2. @geemac we actually don’t know quite what effect most of those period of domination had on the audience at the time, given the lack of data for those periods. It’s possible that there were dips in interest during that period, but we can’t say either way whether that was the case.

      Furthermore, the fact that Formula 1 was trying to expand it’s coverage into new markets during the 1980s and 1990s means that, even if there were declines in some markets, the expansion into others could mask some of those effects and make the picture less certain.

      That said, on a global level, there may be some evidence of viewers switching off during the period of dominance by Vettel in the period in the 2010s and Mercedes thereafter. Global viewing figures are available from that period, and there is a noticeable drop in viewing figures from about 2010 through to 2017, and there is some evidence from Google that searches for news on F1 did also show a similar trend of decreasing activity, suggesting a possible link, albeit there is also the factor of whether the sport was also easily accessible to people during that period.

    3. Did Mercedes domination in the 50’s turn people off the sport? Nope. Did Lotus domination turn people off in the 60’s? Nope. Did McLaren domination turn people off in the 80’s? Nope. Did Williams domination turn people off in the 90’s? Nope. Did Ferrari domination turn people off in the 00’s? Nope. Did Red Bull and Mercedes domination turn people off in the 2010’s? Nope.

      People like to complain, and failing that, the like to repeat the complaining of others. And some even use that to make statements to allow others to complain.

      Let’s be honest since the first year there have been people who were turned off by the sport, and not all of them only when they died.
      And the more people that are turned on, the more can be turned off.

    4. Did Ferrari domination turn people off in the 00’s?


    5. Did Ferrari domination turn people off in the 00’s? Nope. Did Red Bull and Mercedes domination turn people off in the 2010’s? Nope.

      It absolutely did. Even the figures reported by F1 itself show this.

      They didn’t come up with all these shenanigans to spice things up because the numbers were strong. Thanks to Liberty taking F1 online in an often very well done way there have been improvements, but there’s still a long way to go to get back to the numbers from the early 2000s.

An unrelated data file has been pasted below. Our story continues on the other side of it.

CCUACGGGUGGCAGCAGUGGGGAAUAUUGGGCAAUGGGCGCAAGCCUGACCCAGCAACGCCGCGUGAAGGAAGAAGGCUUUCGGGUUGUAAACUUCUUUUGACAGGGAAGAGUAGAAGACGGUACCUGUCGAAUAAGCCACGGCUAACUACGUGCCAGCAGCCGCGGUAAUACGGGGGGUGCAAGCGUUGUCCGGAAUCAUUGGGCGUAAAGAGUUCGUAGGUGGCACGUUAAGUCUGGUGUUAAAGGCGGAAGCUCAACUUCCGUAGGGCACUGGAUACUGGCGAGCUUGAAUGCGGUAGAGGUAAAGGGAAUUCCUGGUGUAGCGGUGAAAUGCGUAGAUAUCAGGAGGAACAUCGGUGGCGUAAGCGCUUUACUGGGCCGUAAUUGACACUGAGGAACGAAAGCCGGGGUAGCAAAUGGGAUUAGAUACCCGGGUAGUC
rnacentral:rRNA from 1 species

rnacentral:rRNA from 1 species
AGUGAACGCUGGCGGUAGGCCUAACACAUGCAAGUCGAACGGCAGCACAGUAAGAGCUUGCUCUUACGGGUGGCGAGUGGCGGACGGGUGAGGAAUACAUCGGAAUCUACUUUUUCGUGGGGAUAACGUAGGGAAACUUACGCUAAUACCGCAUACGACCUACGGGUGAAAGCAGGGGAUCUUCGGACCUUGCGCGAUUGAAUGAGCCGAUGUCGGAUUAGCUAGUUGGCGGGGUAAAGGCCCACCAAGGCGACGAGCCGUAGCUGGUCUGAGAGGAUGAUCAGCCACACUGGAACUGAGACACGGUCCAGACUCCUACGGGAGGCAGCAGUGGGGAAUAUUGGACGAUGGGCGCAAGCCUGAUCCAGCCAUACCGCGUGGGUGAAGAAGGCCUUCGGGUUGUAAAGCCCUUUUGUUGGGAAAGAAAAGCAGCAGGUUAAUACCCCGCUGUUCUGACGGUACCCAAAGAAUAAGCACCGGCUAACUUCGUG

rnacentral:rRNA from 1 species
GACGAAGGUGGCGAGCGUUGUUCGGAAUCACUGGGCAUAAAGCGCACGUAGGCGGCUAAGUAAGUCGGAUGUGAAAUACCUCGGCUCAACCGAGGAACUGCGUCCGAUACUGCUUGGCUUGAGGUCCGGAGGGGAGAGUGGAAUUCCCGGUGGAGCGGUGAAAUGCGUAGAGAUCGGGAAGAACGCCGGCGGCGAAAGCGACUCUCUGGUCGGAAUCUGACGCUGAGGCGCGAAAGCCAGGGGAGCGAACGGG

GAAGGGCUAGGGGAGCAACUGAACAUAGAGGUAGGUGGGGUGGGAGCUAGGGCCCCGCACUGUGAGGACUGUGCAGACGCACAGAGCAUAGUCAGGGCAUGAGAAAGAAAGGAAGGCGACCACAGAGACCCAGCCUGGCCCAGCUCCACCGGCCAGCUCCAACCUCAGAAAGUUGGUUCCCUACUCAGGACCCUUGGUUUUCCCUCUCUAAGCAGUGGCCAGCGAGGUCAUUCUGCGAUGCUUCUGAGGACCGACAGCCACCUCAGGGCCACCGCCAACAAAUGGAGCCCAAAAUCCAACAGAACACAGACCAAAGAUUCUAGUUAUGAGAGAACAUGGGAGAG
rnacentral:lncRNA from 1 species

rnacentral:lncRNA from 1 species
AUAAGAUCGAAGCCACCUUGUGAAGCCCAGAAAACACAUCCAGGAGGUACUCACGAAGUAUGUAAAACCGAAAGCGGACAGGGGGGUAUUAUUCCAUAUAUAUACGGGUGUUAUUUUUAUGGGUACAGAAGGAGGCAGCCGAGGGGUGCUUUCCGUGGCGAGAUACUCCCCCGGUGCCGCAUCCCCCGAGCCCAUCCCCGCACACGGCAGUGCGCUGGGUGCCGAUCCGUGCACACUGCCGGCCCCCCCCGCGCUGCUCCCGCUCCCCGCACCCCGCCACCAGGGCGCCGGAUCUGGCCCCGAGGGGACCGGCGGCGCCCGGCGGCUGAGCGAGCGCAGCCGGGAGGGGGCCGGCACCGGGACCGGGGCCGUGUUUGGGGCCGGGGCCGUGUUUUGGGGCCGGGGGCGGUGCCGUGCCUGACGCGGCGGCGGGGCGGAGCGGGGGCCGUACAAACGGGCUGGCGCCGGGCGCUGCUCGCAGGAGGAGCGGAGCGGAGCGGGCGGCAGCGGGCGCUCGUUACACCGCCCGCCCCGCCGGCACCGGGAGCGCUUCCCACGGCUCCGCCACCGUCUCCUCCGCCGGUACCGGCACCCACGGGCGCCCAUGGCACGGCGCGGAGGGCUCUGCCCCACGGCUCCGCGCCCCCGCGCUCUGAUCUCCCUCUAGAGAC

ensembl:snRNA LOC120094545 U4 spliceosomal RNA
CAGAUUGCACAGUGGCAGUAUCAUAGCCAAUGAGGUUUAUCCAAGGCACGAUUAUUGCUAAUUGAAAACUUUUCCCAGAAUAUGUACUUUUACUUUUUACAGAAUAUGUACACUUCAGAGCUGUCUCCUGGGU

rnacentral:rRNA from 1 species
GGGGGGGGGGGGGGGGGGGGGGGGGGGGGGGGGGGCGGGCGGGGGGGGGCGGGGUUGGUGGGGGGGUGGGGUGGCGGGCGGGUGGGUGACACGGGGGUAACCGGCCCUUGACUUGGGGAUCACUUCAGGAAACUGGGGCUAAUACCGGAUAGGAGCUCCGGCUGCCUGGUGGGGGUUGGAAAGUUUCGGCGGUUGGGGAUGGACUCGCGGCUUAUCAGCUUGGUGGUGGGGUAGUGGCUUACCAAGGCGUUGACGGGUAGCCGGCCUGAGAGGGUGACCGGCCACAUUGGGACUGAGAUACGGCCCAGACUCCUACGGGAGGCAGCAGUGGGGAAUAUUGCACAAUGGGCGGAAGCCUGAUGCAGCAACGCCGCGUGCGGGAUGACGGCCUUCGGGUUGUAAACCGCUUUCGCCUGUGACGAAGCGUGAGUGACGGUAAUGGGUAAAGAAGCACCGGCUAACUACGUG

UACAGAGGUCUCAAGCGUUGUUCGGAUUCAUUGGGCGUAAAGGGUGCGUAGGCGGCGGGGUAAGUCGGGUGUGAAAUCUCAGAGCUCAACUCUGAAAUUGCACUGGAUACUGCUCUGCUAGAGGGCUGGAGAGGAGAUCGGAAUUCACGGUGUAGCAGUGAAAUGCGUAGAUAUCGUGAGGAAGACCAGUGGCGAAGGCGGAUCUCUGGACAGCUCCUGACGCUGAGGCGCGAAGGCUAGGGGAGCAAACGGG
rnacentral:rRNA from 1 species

6. When one team openly cheats to gain an insurmountable advantage of course the magic is going to get torn away. The worst part is not only that they likely didn’t need to (I could see RB still having won just to a less severe extent) but people are desperate to dismiss the fact and will deliberately twist past successes to be less then they are.

  7. Never call a dog “Lucky”.
    Or a car – Ferrari have been in this game a long time, hence another boring name.

  8. I thought Ferrari would use SF-75 for this tyre test, given cars from two years prior are the most recent machinery allowed for unlimited running outside race weekends & official group testing.

  9. My main issue with Coulthard’s words is not that they’re wrong, per se, but that they’re premature.

    Red Bull have won two Constructors’ championships in a row. That’s a quarter of the length of Mercedes’ winning streak, and only half as long as their own record of domination. It’s way too early to start talking about it damaging the sport – it’s like saying that F1 was in danger of killing itself off in 2015, when in fact the sport was about to undergo a considerable explosion in popularity.

    1. it’s like saying that F1 was in danger of killing itself off in 2015, when in fact the sport was about to undergo a considerable explosion in popularity.

      Yes, but they can’t take F1 online in a modern way twice. Reaching the people who are potential viewers but who weren’t attracted in the last ten years is a huge challenge. There has to be something to convince them, and more Red Bull dominance is not the way to do it.

      1. Depends if you’re talking about the actual last 10 years or the fantasied 10 years that some people want to believe where there was no competition. There’s been some amazing races in this “Mercedes era of dominance” that people like to dismiss it as, just as there was during the “Vettel era of dominance”.

    2. Even with it being only 2 years it’s perfectly reasonable a comment considering the level of dominance these past 2 season. Infact no mercedes season really compares, only 2020 could be an argument. This is why his point is true and perhaps more than ever given the rise in following. Has there ever been a worse stretch with such a void in competition? I don’t think so. Name one.

      1. You’re right to say the level of dominance doesn’t compare – Mercedes were much more dominant 2014-20 than Red Bull have been these last two seasons. As an example, look at podium hit rate – 68% for Red Bull last season. Mercedes were in the 80s in 2014-16. 68% is comparable to the 65% Mercedes achieved in 2017, which we’re always told was quite a competitive season actually.